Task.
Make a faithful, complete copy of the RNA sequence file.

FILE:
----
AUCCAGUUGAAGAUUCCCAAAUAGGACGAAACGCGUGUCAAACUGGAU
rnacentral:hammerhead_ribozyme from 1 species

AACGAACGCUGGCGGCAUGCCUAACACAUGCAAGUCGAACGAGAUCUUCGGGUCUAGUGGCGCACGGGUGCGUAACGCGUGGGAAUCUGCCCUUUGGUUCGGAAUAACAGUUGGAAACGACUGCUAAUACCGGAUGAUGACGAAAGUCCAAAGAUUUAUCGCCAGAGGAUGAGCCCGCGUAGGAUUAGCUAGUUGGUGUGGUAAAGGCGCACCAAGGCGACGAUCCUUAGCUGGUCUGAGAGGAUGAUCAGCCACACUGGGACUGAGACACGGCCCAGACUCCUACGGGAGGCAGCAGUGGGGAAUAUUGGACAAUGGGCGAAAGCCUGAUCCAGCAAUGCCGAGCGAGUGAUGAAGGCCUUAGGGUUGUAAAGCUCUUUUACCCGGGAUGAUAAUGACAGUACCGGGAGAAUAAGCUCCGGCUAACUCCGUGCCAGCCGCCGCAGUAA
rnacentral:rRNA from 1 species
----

AUCCAGUUGAAGAUUCCCAAAUAGGACGAAACGCGUGUCAAACUGGAU
rnacentral:hammerhead_ribozyme from 1 species

AACGAACGCUGGCGGCAUGCCUAACACAUGCAAGUCGAACGAGAUCUUCGGGUCUAGUGGCGCACGGGUGCGUAACGCGUGGGAAUCUGCCCUUUGGUUCGGAAUAACAGUUGGAAACGACUGCUAAUACCGGAUGAUGACGAAAGUCCAAAGAUUUAUCGCCAGAGGAUGAGCCCGCGUAGGAUUAGCUAGUUGGUGUGGUAAAGGCGCACCAAGGCGACGAUCCUUAGCUGGUCUGAGAGGAUGAUCAGCCACACUGGGACUGAGACACGGCCCAGACUCCUACGGGAGGCAGCAGUGGGGAAUAUUGGACAAUGGGCGAAAGCCUGAUCCAGCAAUGCCGAGCGAGUGAUGAAGGCCUUAGGGUUGUAAAGCUCUUUUACCCGGGAUGAUAAUGACAGUACCGGGAGAAUAAGCUCCGGCUAACUCCGUGCCAGCCGCCGCAGUAA
rnacentral:rRNA from 1 species